Mrs. Bergen was sixty-three and her hair was salt and peppered as if to declare her age for all to see. She kept her hair severely pulled straight back into a bun. At five foot six inches she wasn’t particularly tall, but she’d managed to pack 220 pounds onto her frame and thus she was, to be blunt, fat. She had bushy eyebrows and when she smiled, if it could be called that, most interpreted it as a grimace, she showed unusually large teeth. Her teeth caused her to be dubbed “The Horse’s Mouth” by the children who were forced to endure her every school day. Mrs. Bergen was a junior high school teacher who’s subjects were English literature and English composition. Mrs. Bergen spoke with absolute clarity of diction and expected all of her students to do the same. While she succeeded in her own efforts at clarity, her students were less than enthusiastic about either speech nor grammar and this constituted one of the (many) reasons she had such great contempt for her students. As to the students, they needed no more reason to hold Mrs. Bergen in contempt than that she was a teacher who was not “cool.”
“And so my dad says to this guy…” Bob was saying as stood before his fellow classmates and related a story of a summer vacation he’d taken with his family when Mrs. Bergen interrupted him.
“And so my father spoke to a gentleman, Master Kirkpatrick. We do not say ‘and so my dad says to this guy.’ Good heavens, is your family as illiterate as you? I would suspect that your parents no doubt depend on society to provide their sustenance while they lay about reading magazines about film stars and dream of a world in which they matter.” Of course, none of what Mrs. Bergen said was true. In fact, the circumstances were just the opposite in about any way approached. While it was true that there was great tension between Bob and his father, it was a sure bet that Bob wasn’t about to take such a slam about his family lightly.
Bob stood shocked and mute and felt the flush of blood as his face grew red with anger. The other kids in the class looked at him, open mouthed, and then back to Mrs. Bergen. She was known for her rapier criticisms, but this was beyond the pale, and she’d done it to the student that was known for his distaste for people in authority. So much so that it was a given that he would always be in the library for an hour after each school day, serving detention. They expected a scathing reply, but instead the now purple faced student simply shook his head and walked out of the classroom. Mrs. Bergen demanded that he return to his place and finish his dissertation, but Bob simply raised the middle finger of his right hand to her and walked out the door. After the door closed, Mrs. Bergen spent the next ten minutes explaining the many flaws she saw in Bob’s character. Every word of which would be repeated to him later in a clot of phone calls through the evening.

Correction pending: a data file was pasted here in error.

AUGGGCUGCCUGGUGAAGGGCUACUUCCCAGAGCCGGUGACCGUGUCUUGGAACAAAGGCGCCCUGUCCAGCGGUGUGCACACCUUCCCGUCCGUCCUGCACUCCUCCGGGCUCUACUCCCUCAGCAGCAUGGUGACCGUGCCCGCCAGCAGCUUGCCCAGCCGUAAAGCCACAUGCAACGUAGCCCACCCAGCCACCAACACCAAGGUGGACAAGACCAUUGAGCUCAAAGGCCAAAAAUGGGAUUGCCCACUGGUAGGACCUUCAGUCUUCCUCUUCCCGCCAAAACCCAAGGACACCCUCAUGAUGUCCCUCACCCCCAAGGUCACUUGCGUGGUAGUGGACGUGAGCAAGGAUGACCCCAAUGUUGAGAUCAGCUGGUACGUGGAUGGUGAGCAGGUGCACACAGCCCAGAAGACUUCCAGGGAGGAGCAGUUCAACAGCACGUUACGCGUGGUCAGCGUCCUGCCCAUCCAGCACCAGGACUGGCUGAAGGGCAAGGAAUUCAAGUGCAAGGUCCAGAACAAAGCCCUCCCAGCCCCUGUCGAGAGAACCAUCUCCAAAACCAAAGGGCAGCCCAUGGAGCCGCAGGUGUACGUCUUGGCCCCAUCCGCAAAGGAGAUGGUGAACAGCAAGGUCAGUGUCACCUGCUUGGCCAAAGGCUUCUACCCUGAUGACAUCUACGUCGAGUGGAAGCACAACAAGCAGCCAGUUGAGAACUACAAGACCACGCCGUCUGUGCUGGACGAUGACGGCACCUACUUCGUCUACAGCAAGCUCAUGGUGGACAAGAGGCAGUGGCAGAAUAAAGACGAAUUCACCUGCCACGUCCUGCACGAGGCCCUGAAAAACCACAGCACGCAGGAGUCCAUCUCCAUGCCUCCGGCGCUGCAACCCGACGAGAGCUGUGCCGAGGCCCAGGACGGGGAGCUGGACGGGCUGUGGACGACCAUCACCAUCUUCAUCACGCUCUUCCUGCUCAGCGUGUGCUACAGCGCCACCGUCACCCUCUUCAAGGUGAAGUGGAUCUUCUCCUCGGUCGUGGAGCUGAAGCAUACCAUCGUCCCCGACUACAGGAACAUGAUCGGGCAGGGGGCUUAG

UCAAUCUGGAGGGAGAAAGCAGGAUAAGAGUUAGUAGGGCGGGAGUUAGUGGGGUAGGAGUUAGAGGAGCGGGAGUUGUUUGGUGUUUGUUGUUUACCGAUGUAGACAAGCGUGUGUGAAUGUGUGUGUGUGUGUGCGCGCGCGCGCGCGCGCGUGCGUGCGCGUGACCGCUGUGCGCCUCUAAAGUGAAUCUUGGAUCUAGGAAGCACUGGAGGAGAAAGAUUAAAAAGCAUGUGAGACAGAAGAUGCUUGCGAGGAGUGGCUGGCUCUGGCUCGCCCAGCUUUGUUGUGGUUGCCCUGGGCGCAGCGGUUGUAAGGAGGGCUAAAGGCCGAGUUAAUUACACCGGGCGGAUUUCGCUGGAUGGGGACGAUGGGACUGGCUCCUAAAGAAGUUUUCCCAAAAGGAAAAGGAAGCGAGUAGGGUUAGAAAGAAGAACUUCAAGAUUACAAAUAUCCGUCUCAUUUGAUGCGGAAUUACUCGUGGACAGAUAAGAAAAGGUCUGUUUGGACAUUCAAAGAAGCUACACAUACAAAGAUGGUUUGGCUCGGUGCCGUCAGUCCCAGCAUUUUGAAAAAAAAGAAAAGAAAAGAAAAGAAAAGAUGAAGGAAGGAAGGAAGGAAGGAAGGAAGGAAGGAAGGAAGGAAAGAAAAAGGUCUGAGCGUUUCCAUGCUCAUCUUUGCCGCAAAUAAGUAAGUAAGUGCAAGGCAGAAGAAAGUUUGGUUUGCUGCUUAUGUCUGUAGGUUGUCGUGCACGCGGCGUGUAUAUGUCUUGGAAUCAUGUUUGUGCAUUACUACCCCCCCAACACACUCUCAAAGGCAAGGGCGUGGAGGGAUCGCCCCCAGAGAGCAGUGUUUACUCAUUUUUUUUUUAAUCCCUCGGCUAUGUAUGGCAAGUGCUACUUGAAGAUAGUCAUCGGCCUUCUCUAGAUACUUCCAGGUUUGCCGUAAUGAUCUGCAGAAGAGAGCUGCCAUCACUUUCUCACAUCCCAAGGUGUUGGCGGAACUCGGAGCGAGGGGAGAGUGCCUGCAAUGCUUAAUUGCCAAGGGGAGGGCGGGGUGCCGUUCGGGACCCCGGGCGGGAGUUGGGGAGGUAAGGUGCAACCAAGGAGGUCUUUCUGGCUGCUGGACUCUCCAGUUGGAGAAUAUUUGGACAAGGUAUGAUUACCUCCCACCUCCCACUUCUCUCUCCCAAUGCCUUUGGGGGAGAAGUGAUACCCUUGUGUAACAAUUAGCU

Bob was not at school the following day, instead he had set a course to make himself feel better. What he did, was break into Mrs. Bergen’s Cape Cod style cottage where, as a widow, she lived alone with her cat Marcel, a Siamese which she had fed to the point that the cat did not move so much by walking as it did army crawling what with its massive girth greater than the extent of the animal’s legs. The cat took great interest in Bob. It was not because he was a stranger who’d invaded the cat’s domain, but because he carried with him a particularly odious dead flounder that he cobbed from the bait bins at the fishing piers. Fishing was one of the small industries of the coastal Long Island Sound communities, fetching fish, lobster, crab, mussels and clams to the market. Well known as a denizen of the harbor, no one paid the least attention to Bob as he purloined the rotting fish.
Bob was, as was every student at school, aware that Mrs. Bergen had no sense of smell. Some genetic joke along the way had robber her of olfactory senses from birth. Since Mrs. Bergen had so humiliated him in class, Bob felt he had some payback coming in the humility department and so he put the fish into the dresser drawer where Mrs. Bergen kept her unmentionables. Holding a pair up for perusal, Bob mumbled that he’d seen smaller sails on some of the wind powered craft that sailed the waters his house overlooked. Bob tucked the fish away and closed up the drawer after making sure that all appeared just as it was when he opened it. Marcel, the cat, was still frantically trying to make his way towards the bedroom when Bob emerged and closed the door, leaving it too just the way he found it. This elicited a frustrated wail from the cat, who then tried to follow Bob as he departed through the back door which, as with many residents of the area, Mrs. Bergen had failed to lock.